It is probably true that, in the past, many women went through pregnancy and the post-natal period with very high levels of untreated mood and anxiety symptoms. Today, however, more and more pregnant women may be prescribed antidepressants and anxiolytics for the symptomatic treatment of transient mood and anxiety symptoms. A recent largescale epidemiological survey in Québec (Bérard & Oraichi, 2004) revealed that approximately 14% of women were given antidepressants during the gestational period. This finding underscores the importance of carefully questioning the use and impact of psychotropic medication during pregnancy. Although psychopharmacological and psychotherapeutic approaches have been used complementarily for a long time in psychiatry, the liberalization of psychotropic drug prescribing during pregnancy may lead us to emphasize medical modes of intervention at the expense of supportive, languagebased and potentially transformative methods of accompaniment for future parents.
Pregnancy and the perinatal period are times of great transformation and psychic reorganization, a process necessarily accompanied by doubt, uncertainty, and a degree of suffering. In today’s society and medical culture, which place great emphasis on autonomy, performance, and the preservation of a stable self-image, developmental tensions are often seen as symptoms to be swiftly eradicated. We are fascinated and seduced by quick technological fixes to various daily and existential problems. Indeed, the utopian promises of neurobiology have raised hopes of somehow being inoculated against moments of distress over the life course. Moreover, the conviction shared by families and clinicians alike that suffering should be prevented at all cost marks a radical departure from traditional Judeo-Christian principles. This shift has allowed elevating psychopharmacological intervention to levels unparalleled in the history of medicine.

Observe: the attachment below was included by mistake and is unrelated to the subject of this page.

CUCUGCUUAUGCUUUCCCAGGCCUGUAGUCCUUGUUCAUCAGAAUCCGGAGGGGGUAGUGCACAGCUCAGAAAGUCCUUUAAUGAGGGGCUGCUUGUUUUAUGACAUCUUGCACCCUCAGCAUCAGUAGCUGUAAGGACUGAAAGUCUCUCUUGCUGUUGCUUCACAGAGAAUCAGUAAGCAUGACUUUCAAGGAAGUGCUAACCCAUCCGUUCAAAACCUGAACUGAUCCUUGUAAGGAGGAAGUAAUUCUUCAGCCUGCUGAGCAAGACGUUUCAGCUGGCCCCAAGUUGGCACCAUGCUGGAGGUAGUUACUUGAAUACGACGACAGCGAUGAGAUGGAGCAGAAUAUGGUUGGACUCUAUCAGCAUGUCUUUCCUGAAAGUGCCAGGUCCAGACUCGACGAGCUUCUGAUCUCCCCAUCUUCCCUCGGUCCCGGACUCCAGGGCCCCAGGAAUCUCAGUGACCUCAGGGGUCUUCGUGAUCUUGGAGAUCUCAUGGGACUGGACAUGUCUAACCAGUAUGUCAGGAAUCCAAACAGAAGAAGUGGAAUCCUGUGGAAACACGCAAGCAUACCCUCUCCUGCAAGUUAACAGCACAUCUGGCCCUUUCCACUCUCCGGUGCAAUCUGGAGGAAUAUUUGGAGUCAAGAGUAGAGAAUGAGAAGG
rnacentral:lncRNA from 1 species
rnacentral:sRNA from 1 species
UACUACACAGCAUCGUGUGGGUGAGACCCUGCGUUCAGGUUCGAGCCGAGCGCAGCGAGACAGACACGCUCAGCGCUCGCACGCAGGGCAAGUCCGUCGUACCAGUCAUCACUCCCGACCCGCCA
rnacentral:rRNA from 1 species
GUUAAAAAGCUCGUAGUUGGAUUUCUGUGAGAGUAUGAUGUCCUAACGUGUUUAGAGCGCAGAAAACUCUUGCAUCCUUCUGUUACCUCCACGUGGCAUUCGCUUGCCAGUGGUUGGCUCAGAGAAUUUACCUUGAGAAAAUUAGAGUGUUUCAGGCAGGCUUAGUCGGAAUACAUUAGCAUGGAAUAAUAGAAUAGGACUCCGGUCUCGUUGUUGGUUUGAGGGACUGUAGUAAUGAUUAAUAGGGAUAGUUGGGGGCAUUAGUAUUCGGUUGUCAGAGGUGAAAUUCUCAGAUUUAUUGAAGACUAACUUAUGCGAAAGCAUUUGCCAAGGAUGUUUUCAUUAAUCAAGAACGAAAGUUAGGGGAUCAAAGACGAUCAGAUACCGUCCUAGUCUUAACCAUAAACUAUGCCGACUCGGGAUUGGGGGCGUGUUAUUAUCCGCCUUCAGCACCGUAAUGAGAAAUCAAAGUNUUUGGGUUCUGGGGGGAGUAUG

The real paradox of this situation is that our concern with preventing “useless suffering” has led a number of clinicians to lose interest in the various layers of meaning that suffering can assume, as is the case during the transition to parenthood. I am not making this point as an oblique and nostalgic reference to the “lost splendour” of the psychoanalytic era, which produced its own reductive views of the complexity of human experience. I am, however, expressing concern over the current trend of medicalizing our understanding of complex developmental processes associated with transformation in parenthood. In perinatal psychiatry, it has been very gratifying over the years to see that more referrals are made for preventive reasons, for example, regarding the risk of recurrent postnatal depression or the exacerbation of an anxiety disorder. In the absence of a bipolar spectrum disorder diagnosis, most of these prophylactic pharmacological consultations tend to be relatively uncomplicated, medically speaking, given the reassuring data about the safety of antidepressants. The real challenge in these consultations often lies in how mothers and fathers elaborate their anticipations regarding the transition to parenthood (St-André, 1993). In collaboration with family members and with other professionals from the mother-infant program, we try helping future parents find a balance of their own between the frantic pursuit of a “pain-free pregnancy” and the complete rejection of psychological or psychopharmacological support for fear of being declared unfit or illprepared for parenthood.